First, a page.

Just a quick post to announce that I’ll (hopefully) be attending the IndieWebCamp Düsseldorf in May.
I’d be attending mainly as part of my role in a London/Dubai-based startup called Intangible.one, where I am designing the software and UX for legal information solutions. It’s May 13th and 14th, a two-day bar camp collaboration in Düsseldorf involving brainstorming, working, teaching, and more on the topic of understand what “owning your data” actually means.
However the sign up the process is slightly convoluted, requiring me to publish specific things on the company which would require approval from the founder, sending the request to the IT person, and overall just take too long… so I’m announcing it here on my personal blog instead.
Anyone interested in the event can sign up at this RSVP Page.
Many fancy sounding words in English come from two ancient sources: Latin or old Greek. Ontology is one such word, being old Greek for “being”. In a more modern context, it is an expression of knowledge, and in the lens of computer science, a tool to represent both abstract models and their existing exemplars. It represents a set of concepts as classes, their attributes, and the relationships between the classes.
Keeping track of intellectual property is perhaps one such set of concepts that could benefit from the idea of ontologies. This week I read a bit more about how this may (or may not) be.
Week 5 is zooming past faster than Speed Racer in a Hadron Collider, so here is my reading list before we reach to the next century and Morlocks start wandering around. This week, I have been and will be reading about a topic close to my heart – the difficulties in trying to make the intangible tangible.
And if you didn’t already guess, it’s far from easy.
It’s time for Week 4, and this week’s theme is “Communicating on the Internet”. More specifically, last week I wondered whether the Internet – for all the communication tools it has opened the world to – really does result in us becoming closer with more people, or simply distant people who are more connected.
It was harder than expected to find what I wanted, but I managed to pull out a few interesting articles in the end. Many articles are focused on a corporate or academic perspective: how well do virtual team work? Is the Internet effective for academic discussions? Interesting, but I wanted a more “everyday” personal level.
In the end, I narrowed the objective down a bit, and now present several articles focusing on whether Facebook helps us build better relationships (or not).
I didn’t announce a reading list for Week 3, because, well, I didn’t have one. Instead, I used it as an opportunity to sort through some of the various articles I already have had sitting on my computer for years, never getting around to reading.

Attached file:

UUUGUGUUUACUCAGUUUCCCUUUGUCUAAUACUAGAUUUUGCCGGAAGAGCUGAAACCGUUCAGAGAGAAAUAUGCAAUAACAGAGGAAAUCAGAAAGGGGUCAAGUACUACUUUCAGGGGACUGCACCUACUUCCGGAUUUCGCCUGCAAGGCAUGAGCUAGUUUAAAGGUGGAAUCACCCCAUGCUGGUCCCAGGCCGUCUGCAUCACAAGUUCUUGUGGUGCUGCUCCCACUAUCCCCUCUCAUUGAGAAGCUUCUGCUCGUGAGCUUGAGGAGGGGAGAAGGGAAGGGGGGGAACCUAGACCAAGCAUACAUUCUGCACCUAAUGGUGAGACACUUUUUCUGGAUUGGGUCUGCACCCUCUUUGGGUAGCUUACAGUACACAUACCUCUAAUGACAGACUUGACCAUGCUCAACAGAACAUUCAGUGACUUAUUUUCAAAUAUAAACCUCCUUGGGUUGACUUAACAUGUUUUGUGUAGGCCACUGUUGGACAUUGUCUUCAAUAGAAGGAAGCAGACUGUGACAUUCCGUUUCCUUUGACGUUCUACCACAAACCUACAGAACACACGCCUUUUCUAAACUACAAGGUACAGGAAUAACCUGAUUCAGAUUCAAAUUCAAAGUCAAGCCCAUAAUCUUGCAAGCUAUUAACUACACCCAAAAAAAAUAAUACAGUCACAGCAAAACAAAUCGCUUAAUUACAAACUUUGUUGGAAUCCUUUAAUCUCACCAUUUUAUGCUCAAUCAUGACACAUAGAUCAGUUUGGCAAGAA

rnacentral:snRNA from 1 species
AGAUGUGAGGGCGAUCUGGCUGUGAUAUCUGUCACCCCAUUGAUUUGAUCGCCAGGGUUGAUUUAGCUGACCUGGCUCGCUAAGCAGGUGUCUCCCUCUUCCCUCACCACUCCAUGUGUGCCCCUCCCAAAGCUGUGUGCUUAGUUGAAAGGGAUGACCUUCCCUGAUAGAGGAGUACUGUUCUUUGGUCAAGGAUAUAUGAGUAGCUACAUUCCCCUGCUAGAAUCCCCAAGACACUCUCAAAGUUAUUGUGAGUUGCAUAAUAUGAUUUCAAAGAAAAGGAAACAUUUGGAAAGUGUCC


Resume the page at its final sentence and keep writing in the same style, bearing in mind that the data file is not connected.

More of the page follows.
Most of my documents are on work-related topics like international tax law or business procedures, but I’m not that cruel as to force other people (potentially) to read about them. Instead, I have a jumble of random articles of interest that I never got around to reading, on topics as diverse as philosophy and ethics to computer game design. This week, we take a look at the political situation in Turkey, an old speculation on how the Internet will change the way we communicate, and two old arch enemies: copyright and pirates.
Another week has passed and the next is already rushing ahead at full speed. I finally got a chance to sit down write a summary of the last week’s reading, about a topic that has renewed global interest: “fake news”.
For this session, I mainly focused on introductory materials, and the core theme of the reading was that the internet and social media not only has a large impact on the consumption of news and information, it has lead to (or perhaps is a result of) decreased trust of traditional news institutious, and our increased trust of news shared through social media. This unfortunately is a factor that has allowed fake news and misinformation to spread throughout the internet.Read on for a summary of the articles, each, of course, with links to the full article.
So another week is upon us! As promised, I decided to take a dip into the murky world of “fake news”. As such, I’ve aimed at articles relating to the current face of fake news – how we get it, why we get it and what it means for the future of being (mis)informed.
The first week is already over – both of 2017 and of my self-imposed challenge to read some high quality material every (working) day. The topic was “online advertising”: in particular, on the use of ad blockers. As I discovered, it’s a large enough topic that this was only “dipping my toe in the water”, but it was an interesting start.
As suspected, providing content for free and subsidising running costs (and making profit) through advertising revenue is the model most websites now adopt. So naturally, advertisers (and content providers) are concerned at the rapid growth of ad blockers, but what should they do about it? Websites are starting to fighting back with anti-adblockers, but, is forcing the advertising down our throats the best answer?
It’s the first week of the year and it’s time to make good with my promise to take up this challenge. I expect no one would be reading this – aside from a few friends – but right now that doesn’t matter. The true purpose of writing this is to give me a structure and form of commitment. And if nothing else, will serve as a way to keep a personal record of my efforts.
Without further ado I introduce the first topic: “online advertising and ad blockers”.